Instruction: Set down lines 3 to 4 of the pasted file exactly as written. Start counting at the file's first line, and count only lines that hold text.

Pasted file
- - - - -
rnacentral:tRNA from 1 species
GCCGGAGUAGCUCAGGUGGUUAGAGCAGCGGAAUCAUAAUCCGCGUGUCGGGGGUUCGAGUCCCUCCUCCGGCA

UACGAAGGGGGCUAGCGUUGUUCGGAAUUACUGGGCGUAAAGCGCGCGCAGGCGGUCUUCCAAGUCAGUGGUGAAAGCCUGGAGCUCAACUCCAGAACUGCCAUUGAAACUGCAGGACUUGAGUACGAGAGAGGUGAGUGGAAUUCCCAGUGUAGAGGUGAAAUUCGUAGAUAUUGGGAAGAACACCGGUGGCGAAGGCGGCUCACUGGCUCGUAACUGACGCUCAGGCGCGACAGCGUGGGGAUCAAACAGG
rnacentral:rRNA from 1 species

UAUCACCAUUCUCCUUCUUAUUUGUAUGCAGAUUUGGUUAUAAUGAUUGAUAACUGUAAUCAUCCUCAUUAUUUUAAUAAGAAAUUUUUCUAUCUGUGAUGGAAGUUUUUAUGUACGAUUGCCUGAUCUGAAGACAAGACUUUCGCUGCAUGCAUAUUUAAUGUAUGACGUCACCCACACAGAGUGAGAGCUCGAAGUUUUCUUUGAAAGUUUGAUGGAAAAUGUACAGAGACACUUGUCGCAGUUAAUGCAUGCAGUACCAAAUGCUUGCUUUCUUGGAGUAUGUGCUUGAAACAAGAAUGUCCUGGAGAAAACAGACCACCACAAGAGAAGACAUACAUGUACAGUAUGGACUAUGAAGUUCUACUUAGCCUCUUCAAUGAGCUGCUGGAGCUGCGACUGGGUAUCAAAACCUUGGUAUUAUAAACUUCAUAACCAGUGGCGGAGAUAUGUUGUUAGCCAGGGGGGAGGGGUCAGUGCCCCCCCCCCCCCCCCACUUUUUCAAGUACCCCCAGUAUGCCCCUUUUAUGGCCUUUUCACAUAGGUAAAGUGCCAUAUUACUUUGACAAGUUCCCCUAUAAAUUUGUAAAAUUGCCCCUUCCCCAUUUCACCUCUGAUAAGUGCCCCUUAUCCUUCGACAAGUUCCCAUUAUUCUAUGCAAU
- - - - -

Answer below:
UACGAAGGGGGCUAGCGUUGUUCGGAAUUACUGGGCGUAAAGCGCGCGCAGGCGGUCUUCCAAGUCAGUGGUGAAAGCCUGGAGCUCAACUCCAGAACUGCCAUUGAAACUGCAGGACUUGAGUACGAGAGAGGUGAGUGGAAUUCCCAGUGUAGAGGUGAAAUUCGUAGAUAUUGGGAAGAACACCGGUGGCGAAGGCGGCUCACUGGCUCGUAACUGACGCUCAGGCGCGACAGCGUGGGGAUCAAACAGG
rnacentral:rRNA from 1 species